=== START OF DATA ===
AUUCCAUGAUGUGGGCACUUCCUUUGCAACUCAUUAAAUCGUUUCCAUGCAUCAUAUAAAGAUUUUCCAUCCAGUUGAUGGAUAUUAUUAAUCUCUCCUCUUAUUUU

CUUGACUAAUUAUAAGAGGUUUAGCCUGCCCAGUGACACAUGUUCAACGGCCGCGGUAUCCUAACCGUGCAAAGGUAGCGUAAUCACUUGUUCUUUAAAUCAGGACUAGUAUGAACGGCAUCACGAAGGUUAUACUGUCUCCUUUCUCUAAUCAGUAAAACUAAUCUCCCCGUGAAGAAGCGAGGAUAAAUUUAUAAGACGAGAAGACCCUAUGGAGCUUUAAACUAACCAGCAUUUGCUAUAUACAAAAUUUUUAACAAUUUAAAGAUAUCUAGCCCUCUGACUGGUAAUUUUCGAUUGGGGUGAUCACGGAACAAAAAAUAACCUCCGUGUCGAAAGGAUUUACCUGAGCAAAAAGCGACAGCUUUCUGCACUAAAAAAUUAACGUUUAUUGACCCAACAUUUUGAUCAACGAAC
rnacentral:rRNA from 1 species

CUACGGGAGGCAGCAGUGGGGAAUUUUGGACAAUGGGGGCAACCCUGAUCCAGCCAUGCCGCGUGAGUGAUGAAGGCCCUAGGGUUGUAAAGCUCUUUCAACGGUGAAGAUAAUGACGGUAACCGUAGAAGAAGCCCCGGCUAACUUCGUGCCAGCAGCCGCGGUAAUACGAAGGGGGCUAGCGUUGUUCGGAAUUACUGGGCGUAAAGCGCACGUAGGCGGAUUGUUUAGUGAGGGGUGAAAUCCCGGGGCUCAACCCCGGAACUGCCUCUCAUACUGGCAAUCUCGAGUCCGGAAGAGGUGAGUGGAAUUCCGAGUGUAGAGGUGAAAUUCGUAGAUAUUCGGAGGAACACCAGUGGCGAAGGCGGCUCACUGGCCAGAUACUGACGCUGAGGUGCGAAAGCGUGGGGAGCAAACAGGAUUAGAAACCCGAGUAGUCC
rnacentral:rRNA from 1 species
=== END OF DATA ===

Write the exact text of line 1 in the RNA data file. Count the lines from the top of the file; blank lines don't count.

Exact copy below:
AUUCCAUGAUGUGGGCACUUCCUUUGCAACUCAUUAAAUCGUUUCCAUGCAUCAUAUAAAGAUUUUCCAUCCAGUUGAUGGAUAUUAUUAAUCUCUCCUCUUAUUUU